Tag Archives: Barsabbas

God’s People, part 257: Judas Barsabbas

Read Acts 15:22-35

“Yet we know that a person is made right with God by faith in Jesus Christ, not by obeying the law. And we have believed in Christ Jesus, so that we might be made right with God because of our faith in Christ, not because we have obeyed the law. For no one will ever be made right with God by obeying the law.”  (Galatians 2:16, NLT)

When we think of God’s people, we tend to think one of two things. We might think of the Israelites who were God’s “chosen people”, or we might think of specific characters in the Bible. Either way, we tend to idealize the people we are thinking about. For instance, we may think that God’s people are super faithful, holy, perform miracles and live wholly devout and righteous lives. Unfortunately, this idealism enables us to distance ourselves from being God’s people, because we feel that we fall short of those ideals. As such, I have decided to write a devotion series on specific characters in the Bible in order to show you how much these Biblical people are truly like us, and how much we are truly called to be God’s people.

Part 257: Judas Barsabbas. There isn’t too much known about Judas (also known as Barsabbas), other than that he seen as a prophet and that was chosen along with Silas to accompany Paul on a trip to churches in Antioch, Syria, and Cilicia to read a letter that came out of the Council of Jerusalem. Clearly, Judas must have been someone who was known and respected by the Council as well as churches, and so they chose him along with Silas to carry out this important mission.

Since there isn’t much known about Judas himself, let’s discuss the council first, and then it will be clear what Judas’ mission and role was. Up to this point, Paul had been preaching an unrestricted Gospel to the Gentiles. What does this mean? It means that Paul felt that the Gentiles should not be bound to or restricted by a Law that they were not born under.

Therefore, Paul reasoned, a Gentile could enter God’s covenant through faith in Christ. For him, the Law all pointed to being in right relationship with God; however, none of us, not even Jews, follow the Law perfectly. Christ is the only answer to that problem, for he did follow it perfectly and became the sacrificial Lamb of God for us all. Christ is the One who saves, not circumcision. Thus, while Paul was an observant Jew, he put aside such traditions when it came to the Gentiles. This became a MAJOR controversy among Jewish Christians, who felt Paul was abandoning the Torah and the very faith of Christ himself.

Some of these Jewish Christians took it upon themselves to oppose and counter Paul’s teachings in the communities he had established Gentile churches. They were telling the Gentiles that they HAD to get circumcised if they were to have any part in Christ. This enraged Paul and the controversy grew to the point that the Apostles and Elders of the church called together a Council to weigh in on the matter. In the end, according to Luke in Acts, the council agreed with Paul and wrote a letter to be read to the churches. This letter stated that the Apostles had no part in countering Paul’s ministry and that, officially, Gentiles DID NOT have to adhere to circumcision.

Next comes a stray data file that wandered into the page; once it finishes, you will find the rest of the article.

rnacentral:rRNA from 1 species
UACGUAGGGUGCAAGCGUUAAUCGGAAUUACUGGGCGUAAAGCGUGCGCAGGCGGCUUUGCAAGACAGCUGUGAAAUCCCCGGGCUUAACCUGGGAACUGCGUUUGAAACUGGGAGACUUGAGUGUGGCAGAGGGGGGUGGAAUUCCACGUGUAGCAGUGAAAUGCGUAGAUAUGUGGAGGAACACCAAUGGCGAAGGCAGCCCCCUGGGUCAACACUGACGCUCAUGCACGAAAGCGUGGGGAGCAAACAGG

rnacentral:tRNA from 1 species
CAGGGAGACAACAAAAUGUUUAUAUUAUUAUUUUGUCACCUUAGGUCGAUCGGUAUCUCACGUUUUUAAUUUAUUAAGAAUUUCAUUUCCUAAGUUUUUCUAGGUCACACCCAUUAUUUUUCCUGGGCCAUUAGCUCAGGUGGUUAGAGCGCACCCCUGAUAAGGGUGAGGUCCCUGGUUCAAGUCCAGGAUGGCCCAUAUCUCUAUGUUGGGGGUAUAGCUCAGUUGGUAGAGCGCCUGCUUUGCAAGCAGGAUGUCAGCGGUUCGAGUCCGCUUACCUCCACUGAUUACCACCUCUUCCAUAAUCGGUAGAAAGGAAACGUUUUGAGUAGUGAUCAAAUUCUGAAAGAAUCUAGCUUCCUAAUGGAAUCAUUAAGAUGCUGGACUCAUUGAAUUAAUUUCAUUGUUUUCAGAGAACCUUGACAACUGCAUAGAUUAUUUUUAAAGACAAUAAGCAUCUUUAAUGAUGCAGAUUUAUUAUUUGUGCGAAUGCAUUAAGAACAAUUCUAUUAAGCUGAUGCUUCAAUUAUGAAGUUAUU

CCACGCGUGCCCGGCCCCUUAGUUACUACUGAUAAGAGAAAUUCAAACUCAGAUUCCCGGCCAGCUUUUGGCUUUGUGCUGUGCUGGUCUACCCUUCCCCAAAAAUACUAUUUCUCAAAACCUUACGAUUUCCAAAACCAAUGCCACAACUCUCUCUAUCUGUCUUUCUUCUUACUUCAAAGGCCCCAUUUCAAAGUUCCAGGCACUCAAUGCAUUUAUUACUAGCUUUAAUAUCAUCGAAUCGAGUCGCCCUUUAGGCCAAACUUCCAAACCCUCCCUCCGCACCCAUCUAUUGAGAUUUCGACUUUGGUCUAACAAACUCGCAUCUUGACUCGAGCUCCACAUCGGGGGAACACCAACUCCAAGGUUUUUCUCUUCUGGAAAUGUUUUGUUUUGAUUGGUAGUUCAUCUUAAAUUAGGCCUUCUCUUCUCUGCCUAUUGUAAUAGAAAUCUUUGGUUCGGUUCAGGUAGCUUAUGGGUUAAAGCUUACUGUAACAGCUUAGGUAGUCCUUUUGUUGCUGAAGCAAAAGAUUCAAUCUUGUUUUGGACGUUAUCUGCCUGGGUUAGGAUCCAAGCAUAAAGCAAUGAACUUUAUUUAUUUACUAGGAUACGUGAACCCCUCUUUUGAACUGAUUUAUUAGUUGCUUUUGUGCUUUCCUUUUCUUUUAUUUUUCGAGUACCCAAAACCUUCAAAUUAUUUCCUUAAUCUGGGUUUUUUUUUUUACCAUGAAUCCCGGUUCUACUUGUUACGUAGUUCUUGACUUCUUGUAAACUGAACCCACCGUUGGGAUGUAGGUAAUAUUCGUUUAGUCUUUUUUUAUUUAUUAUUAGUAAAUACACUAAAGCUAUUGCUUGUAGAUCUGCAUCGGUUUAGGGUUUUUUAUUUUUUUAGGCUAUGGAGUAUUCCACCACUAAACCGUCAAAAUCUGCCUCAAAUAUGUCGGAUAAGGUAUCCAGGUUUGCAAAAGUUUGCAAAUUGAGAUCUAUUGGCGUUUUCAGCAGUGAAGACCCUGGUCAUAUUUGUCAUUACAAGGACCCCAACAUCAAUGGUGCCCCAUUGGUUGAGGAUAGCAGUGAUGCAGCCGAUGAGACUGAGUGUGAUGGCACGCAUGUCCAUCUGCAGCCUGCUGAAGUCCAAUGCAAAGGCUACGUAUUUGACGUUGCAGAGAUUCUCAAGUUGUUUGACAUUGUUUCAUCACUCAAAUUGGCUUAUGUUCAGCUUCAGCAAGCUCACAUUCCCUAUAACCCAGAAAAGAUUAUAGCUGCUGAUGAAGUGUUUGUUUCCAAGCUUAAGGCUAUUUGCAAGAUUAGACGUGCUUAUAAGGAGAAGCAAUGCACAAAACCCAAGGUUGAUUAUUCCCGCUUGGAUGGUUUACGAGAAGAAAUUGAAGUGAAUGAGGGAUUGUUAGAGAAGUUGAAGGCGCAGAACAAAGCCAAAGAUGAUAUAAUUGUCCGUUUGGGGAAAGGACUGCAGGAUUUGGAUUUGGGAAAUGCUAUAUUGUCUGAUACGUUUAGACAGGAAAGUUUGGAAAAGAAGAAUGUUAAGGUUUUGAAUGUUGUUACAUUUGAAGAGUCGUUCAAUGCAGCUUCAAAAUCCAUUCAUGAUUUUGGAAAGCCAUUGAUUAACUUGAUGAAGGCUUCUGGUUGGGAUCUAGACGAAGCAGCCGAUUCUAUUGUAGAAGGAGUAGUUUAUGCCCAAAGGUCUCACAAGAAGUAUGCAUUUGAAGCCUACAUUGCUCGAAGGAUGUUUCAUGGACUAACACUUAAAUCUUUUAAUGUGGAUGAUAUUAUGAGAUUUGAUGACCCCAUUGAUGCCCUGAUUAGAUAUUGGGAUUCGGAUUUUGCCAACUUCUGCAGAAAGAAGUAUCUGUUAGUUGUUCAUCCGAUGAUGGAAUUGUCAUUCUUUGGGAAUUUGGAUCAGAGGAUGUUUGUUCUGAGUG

This was a MAJOR win for Paul who had been advocating for this from the beginning. Judas and Silas were to accompany him to read this letter to the churches. As for Judas, he was also known as a prophet. In other words, he was someone who was known to have been gifted with the ability to prophesy by the Holy Spirit. His being one of the ones to deliver the message would only lend credibility that this decision was not just that of the Council, but of Christ.

As we can see, the earliest Church was not always a cohesive group. They had quarrels, disagreements, cliques, and even backstabbers. We often look back to “old time religion” as if they were on a higher pedastal than where we find ourselves today; however, that is not the case. The only real difference between then and now is that they TRULY looked to God to guide them in their decisions and, when push came to shove, they humbled themselves and opened up to the possibility of change. We should be challenged to model ourselves after that approach to the Christian witness. Holy compromise and the middle way (via media) are essential in the Body of Christ.

“Though we cannot think alike, may we not love alike? May we not be of one heart, though we are not of one opinion? Without all doubt, we may. Herein all the children of God may unite, notwithstanding these smaller differences.” – Rev. John Wesley

Lord, though we be of different mind on different issues, help us to be of one heart and to live in LOVE with our sisters and our brothers. Amen.